Takin' a T/O with BT: Don Cherry—When Does Something You Love Become Ordinary?

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Takin' a T/O with BT: Don Cherry—When Does Something You Love Become Ordinary?

I've grown up watching hockey. Granted I was never in a financial position to play at any consistently organized level, but in Southwestern Ontario, your entire school year (September through June) is hockey season, spiced ever-so-slightly with some baseball.

During the school year, I was fortunate enough that both my parents worked nine-to-five jobs, which ended up meaning two things:

1) Family dinners each and every night that didn't come from a drive-thru window, pizza box, or microwave.

2) Hockey each and every night with my dad.

Now ,it was a given that both of us were Leafs' fans. Dad remembered (and still does) the last Leafs' Stanley Cup in 1967, and carries a soft-spot for all of the old-time legends.  His passion, along with our proximity to Toronto, fed my Blue-and-White passion.

While the time spent with my dad was great during the weeknights, I remember something else as well—the announcers.

I remember how, during the week, I'd laugh as Joe Bowen would introduce the "tenders of the tickled twine" or Paul Hendrik would start the game off with a rhyming rendition of a recap of the Leafs' last game.

Saturday nights were a little different though. We'd pop some popcorn and head downstairs as the Hockey Night in Canada theme song's first few notes floated into the room. As we sat through the first period, I'd hear my dad talk about Bob Cole and how he didn't like him, and Kerry Fraser and how he didn't like the Leafs.

But it was all in preparation for the first intermission—and everyone knows why.

As it was with Hockey Night in Canada, I immediately fell in love with the Coach's Corner theme song. If I had to pick a favorite, even to this day it'd that song.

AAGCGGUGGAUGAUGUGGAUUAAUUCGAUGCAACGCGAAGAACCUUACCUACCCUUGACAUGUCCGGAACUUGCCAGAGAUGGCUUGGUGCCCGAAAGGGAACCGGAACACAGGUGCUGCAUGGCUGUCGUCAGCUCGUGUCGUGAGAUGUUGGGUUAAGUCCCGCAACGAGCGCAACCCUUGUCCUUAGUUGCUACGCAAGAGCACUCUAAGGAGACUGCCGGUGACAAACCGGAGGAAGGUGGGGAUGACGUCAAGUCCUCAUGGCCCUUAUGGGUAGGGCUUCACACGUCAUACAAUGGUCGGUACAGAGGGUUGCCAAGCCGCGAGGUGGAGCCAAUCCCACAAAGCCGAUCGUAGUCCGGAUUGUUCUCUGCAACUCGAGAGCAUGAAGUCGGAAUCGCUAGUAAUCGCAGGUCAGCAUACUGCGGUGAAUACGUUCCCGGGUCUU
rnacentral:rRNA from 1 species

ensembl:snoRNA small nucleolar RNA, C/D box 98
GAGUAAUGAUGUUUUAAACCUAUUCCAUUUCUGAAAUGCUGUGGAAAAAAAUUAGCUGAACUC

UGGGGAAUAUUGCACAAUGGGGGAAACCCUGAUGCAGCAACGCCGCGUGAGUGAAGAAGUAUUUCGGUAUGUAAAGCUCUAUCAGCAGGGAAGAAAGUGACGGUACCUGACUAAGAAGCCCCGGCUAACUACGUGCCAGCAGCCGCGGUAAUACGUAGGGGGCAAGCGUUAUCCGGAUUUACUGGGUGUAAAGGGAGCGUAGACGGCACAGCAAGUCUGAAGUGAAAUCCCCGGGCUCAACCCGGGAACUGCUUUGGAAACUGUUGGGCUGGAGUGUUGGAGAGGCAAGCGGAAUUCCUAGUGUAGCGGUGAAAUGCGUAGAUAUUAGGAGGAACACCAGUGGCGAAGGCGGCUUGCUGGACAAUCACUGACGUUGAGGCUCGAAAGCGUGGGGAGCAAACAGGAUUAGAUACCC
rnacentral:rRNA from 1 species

Along with that, Cherry's giving nature (namely, Rose Cherry's Home for Kids) and his dog Blue easily caught my attention and had me enjoying the segment before it even began.

Once I got a little older, I really started to understand what Cherry was talking about, but it was his delivery that really got me. When Cherry would go off and start talking about being gritty and playing the game like a "good Canadian boy" I'd listen intently.

I may not have ever played the game anywhere close to a "high level", but I still seemed to take Cherry's advice to heart. Instead of taking Cherry's advice on the ice, I found it transferring over to life, and I started living like a "good Canadian boy"—nose to the grindstone, a hard-working attitude, and striving to put your best foot forward.

It may sound lame, but that was some of the best advice anyone had every given me.

As time wore on, Cherry became even more ingrained in my mind as a defining voice for Canadian hockey. It was because of him I learned to appreciate the guys that never get the air time for what they do. Because of him I'd attach myself to guys like John Pohl, Manny Malhotra, and Sephane Yelle.

In 2004, I was irate with the seven-second tape delay. I had listened to "Grapes" for so long that I couldn't believe that he'd be censored. After all, he was speaking the truth—wasn't he? Only French guys and Europeans wore visors right?

Following that escapade, the NHL lockout happened—and with it, a full season without Don Cherry. Needless to say, the separation didn't help.

When hockey returned I still watched—nothing could quell my passion for the frozen game or the Leafs—but I started to find myself less concerned with all of the excess.

I'd still watch pregame shows and the intermission shows, but that wasn't what it was about anymore. Whether it had something to do with an increased sense of maturity (I guess that's what you call it?) or the over-saturation of the studio work during the lockout, I'd tune out until the action started out again.